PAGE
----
Don't you love blueberry season? I sure do. Especially when all I have to do is stroll out my back door and pluck these blue beauties from my bushes. Mmmmmm.....
I thought it interesting that MedlinePlus -- a consumer health information website by the National Institutes of Health -- has a fact sheet regarding the health implications of eating blueberries in the same format as their reports on medications. You can read it in it's entirety here, but here's a snippet:
Blueberry is a plant. People use the fruit and leaves to make medicine.
Be careful not to confuse blueberry with bilberry. Outside of the United States, the name “blueberry” may be used for a plant called “bilberry” in the U.S.
Blueberry is used for preventing cataracts and glaucoma and for treating ulcers, urinary tract infections (UTIs), multiple sclerosis (MS), chronic fatigue syndrome (CFS), colic, fever, varicose veins, and hemorrhoids. Blueberry is also used for improving circulation, and as a laxative.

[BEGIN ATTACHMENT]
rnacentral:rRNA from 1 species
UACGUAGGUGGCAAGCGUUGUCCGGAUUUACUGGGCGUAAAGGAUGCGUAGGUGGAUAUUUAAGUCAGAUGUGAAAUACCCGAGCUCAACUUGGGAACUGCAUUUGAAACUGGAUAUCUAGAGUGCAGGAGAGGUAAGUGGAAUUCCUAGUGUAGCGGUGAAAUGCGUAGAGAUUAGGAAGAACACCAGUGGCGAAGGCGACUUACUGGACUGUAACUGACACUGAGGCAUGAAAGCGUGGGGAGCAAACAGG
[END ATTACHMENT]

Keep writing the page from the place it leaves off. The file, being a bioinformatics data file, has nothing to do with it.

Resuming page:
The site goes on to caution that there is insufficient evidence to rate effectiveness for these conditions. But there's no doubt that these tasty berries are chocked full of good things. Read this found on WebMD:
Long before Fats Domino was crooning about "Blueberry Hill," Native Americans used the potent fruit to treat coughs. These tiny little gems do indeed pack a potent punch. They rank the highest of any fruit for antioxidants (those free-radical-fighting powerhouses), and one cup delivers 14% of the recommended daily dose of fiber and nearly a quarter of the recommended daily intake of vitamin C. Continue reading here.There's good science behind the health claims made regarding blueberries. Check this comparative study abstract published in 2007 and found here:
Anti-inflammatory and antinociceptive properties of blueberry extract (Vaccinium corymbosum).
Torri E1, Lemos M, Caliari V, Kassuya CA, Bastos JK, Andrade SF.:
Considering that the crude extract of blueberry displayed antinociceptive and anti-inflammatory activity, its consumption may be helpful for the treatment of inflammatory disorders. Continue reading here.
It would appear that enjoying these as part of an anti inflammatory diet would be a good idea. Most of my blueberries have been eaten standing by the sink after a quick rinse-off of clean water. But since it appears I may have a bumper crop on my hands, I think it's time to look for a few great recipes.
What is your favorite way to enjoy this wonderful fruit? Share.